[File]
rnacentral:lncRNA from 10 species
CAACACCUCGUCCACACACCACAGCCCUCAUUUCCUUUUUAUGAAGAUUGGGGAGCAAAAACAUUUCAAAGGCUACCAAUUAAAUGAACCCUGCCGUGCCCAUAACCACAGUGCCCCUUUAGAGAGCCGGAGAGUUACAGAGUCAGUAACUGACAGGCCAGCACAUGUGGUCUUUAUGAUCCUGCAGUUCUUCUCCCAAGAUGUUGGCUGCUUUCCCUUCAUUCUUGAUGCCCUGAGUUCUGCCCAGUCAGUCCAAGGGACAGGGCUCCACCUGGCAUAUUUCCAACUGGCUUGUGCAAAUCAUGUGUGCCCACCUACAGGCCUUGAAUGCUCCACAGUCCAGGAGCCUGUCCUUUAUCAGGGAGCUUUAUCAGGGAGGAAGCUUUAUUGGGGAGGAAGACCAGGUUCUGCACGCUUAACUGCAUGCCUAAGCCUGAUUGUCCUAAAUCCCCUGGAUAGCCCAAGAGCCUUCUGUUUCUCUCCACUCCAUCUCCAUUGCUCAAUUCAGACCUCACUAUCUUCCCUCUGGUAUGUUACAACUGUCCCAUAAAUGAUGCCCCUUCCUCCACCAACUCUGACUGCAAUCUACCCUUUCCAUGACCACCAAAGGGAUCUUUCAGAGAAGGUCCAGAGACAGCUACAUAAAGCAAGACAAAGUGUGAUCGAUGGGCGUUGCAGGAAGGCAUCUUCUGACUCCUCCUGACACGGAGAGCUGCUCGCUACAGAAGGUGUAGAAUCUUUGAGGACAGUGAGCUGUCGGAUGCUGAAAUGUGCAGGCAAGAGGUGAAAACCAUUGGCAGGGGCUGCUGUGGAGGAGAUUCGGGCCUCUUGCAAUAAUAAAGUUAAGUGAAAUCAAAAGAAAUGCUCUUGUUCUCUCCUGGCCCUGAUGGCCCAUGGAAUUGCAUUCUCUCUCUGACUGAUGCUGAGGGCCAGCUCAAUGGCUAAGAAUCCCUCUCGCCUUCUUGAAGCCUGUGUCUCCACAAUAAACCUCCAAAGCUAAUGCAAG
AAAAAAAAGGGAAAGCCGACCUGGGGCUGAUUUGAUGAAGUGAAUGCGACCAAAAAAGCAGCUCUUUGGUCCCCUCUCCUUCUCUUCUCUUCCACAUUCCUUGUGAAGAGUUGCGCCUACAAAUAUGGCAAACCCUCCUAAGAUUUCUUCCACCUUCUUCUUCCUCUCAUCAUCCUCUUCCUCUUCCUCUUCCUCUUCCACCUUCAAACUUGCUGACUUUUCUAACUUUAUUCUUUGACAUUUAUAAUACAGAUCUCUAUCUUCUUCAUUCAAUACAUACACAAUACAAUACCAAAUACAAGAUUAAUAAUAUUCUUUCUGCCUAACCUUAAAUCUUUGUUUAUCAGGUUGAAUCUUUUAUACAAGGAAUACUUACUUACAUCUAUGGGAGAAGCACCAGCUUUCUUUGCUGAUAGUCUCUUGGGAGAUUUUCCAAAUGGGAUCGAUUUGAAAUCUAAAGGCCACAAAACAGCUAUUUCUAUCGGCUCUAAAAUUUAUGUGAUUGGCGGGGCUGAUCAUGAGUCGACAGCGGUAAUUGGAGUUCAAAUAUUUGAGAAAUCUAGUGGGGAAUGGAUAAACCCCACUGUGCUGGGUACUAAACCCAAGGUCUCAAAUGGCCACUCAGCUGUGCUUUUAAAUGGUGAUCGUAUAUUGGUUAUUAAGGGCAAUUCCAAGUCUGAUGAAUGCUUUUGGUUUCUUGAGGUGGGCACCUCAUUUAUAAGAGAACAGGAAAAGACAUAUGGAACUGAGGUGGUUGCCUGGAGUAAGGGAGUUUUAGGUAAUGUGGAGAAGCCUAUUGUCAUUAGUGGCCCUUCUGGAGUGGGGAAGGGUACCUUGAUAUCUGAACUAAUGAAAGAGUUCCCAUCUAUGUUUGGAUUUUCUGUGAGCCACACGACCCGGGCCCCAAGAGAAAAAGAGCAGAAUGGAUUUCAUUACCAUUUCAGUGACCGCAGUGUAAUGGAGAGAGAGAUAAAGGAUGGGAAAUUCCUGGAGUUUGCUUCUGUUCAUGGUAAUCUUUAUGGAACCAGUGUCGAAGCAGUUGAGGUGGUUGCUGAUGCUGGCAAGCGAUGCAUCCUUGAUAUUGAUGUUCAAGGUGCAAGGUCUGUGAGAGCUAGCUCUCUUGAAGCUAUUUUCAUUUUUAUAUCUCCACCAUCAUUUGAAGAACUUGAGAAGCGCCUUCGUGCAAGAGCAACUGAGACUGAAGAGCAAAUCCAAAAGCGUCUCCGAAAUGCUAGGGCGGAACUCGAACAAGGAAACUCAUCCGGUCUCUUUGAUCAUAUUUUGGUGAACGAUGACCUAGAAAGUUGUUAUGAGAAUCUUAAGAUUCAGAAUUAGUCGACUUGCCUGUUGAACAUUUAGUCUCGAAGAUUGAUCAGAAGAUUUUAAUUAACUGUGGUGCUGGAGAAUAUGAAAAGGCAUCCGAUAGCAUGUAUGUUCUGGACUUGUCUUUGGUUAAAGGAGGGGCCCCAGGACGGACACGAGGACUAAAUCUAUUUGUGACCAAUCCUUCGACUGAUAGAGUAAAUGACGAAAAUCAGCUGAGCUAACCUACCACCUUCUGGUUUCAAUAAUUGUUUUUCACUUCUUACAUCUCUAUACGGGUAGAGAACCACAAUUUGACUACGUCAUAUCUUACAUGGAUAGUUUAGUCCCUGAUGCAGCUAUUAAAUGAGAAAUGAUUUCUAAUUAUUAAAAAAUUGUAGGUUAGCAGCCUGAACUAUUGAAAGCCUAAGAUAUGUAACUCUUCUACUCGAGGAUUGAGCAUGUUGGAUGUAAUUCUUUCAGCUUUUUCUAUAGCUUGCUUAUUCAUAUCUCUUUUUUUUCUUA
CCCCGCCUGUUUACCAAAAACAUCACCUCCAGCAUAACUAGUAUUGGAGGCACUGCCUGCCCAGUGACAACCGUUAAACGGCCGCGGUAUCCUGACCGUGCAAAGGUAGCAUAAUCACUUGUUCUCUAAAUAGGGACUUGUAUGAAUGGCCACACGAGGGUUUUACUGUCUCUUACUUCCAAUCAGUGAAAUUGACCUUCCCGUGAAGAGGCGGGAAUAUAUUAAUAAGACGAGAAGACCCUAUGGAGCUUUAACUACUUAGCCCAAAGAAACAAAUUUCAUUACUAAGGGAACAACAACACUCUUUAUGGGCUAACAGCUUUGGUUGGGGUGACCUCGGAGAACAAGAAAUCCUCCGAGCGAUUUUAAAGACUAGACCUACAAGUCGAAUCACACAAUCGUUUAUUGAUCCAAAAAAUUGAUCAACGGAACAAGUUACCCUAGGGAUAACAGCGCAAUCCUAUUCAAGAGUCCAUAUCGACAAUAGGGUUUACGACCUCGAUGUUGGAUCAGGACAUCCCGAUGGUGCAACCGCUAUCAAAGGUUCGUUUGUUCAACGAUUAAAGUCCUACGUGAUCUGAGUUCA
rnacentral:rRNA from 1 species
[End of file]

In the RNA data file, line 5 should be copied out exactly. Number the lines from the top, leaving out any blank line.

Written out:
rnacentral:rRNA from 1 species